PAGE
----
In a video posted to YouTube, Kumi Yokoyama — a soccer player on Japan’s women’s national team, as well as the Washington Spirit — came out as a transgender man. The video was posted to the YouTube channel of Yokoyama’s former teammate, Yuki Nagasato, on Sunday.
Yokoyama, who played for Japan in the 2019 World Cup, said she was encouraged to come out publicly after living in Germany and the United States.
“I’ve dated several women over the years but I had to stay closeted in Japan,” Yokoyama said. “In Japan I’d always be asked if I had a boyfriend, but here [in the United States] I’m asked if I have a boyfriend or girlfriend.”
“When my girlfriend said there was no reason for me to stay closeted, it really hit me. Coming out wasn’t something I was enthusiastic about, but if I think about my life going forward, it would be harder to live closeted, so I found the courage to come out.”
Yokoyama is not the first soccer player to come out as transgender. Canadian midfielder Quinn came out in September and wore a “Protect Trans Kids” sweatshirt before a June match, helping Yokoyama in their announcement.
“[Quinn] wore a [sweatshirt] that said ‘Protect Trans Kids’ before a game, and I realised that it was what taking action looks like,” Yokoyama said. “To be able to accept people you have no relationship with, that’s the kind of person I would like to become and I hope we can create that society.”
According to ESPN, Yokoyama underwent “top surgery” at 20 years old and will have further surgeries following their retirement from soccer.
“Lately the word ‘LGBTQ’ has become more commonly known in Japan and been covered by the media, but people in my position aren’t able to raise our voices and talk about it,” Yokoyama said. “Japan may be a small country, but if all of us speak up together then we can help raise awareness.”
The topic of transgender participation in athletics was already the subject of conversation, with Laurel Hubbard of New Zealand becoming the first openly transgender athlete to participate in the Olympics this week.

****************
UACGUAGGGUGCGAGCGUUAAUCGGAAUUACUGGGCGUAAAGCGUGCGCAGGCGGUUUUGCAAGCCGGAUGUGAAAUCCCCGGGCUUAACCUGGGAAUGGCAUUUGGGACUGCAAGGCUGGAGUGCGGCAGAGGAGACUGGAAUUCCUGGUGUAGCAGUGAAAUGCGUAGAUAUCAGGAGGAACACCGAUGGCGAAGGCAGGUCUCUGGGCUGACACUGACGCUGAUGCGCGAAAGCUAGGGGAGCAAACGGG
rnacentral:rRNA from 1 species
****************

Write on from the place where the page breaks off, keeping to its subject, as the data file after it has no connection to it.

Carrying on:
According to The Daily Wire, “Hubbard transitioned in 2013, and became eligible to compete in the Olympics after the International Olympic Committee changed its rules in 2015, allowing transgender athletes to compete with athletes of the gender of which they identify “as long as the athlete’s testosterone measured below 10 nanomoles per liter for at least a year prior to competing.”
Hubbard — who is 43-years-old — transitioned in 2013 after competing in men’s weightlifting competitions and has had enormous success in women’s weightlifting, setting four New Zealand national weightlifting records in 2017.
Although concern over Hubbard’s inclusion in the Olympic games has become a taboo subject, there have been a few athletes who have been willing to speak out. According to The Daily Wire, former Olympic weightlifter Tracey Lambrechs said that athletes were told to keep quiet if they complained about having to compete against Hubbard.
Lambrechs blasted allowing biological men to compete against women in sports during an interview with Television New Zealand (TVNZ) last week, according to Reuters. Lambrechs comments come as the 43-year-old Hubbard is poised to become the first transgender athlete to compete in the Olympics, assuming they can qualify under the New Zealand Olympic Committee (NZOC) regulations for fitness and performance.
“I’m quite disappointed, quite disappointed for the female athlete who will lose out on that spot,” Lambrechs said. “We’re all about equality for women in sport but right now that equality is being taken away from us.”
“I’ve had female weightlifters come up to me and say, ‘What do we do? This isn’t fair, what do we do?’ Unfortunately, there’s nothing we can do because every time we voice it we get told to be quiet,” she continued.
Joe Morgan is the Sports Reporter for The Daily Wire. Most recently, Morgan covered the Clippers, Lakers, and the NBA for Sporting News. Send your sports questions to firstname.lastname@example.org.
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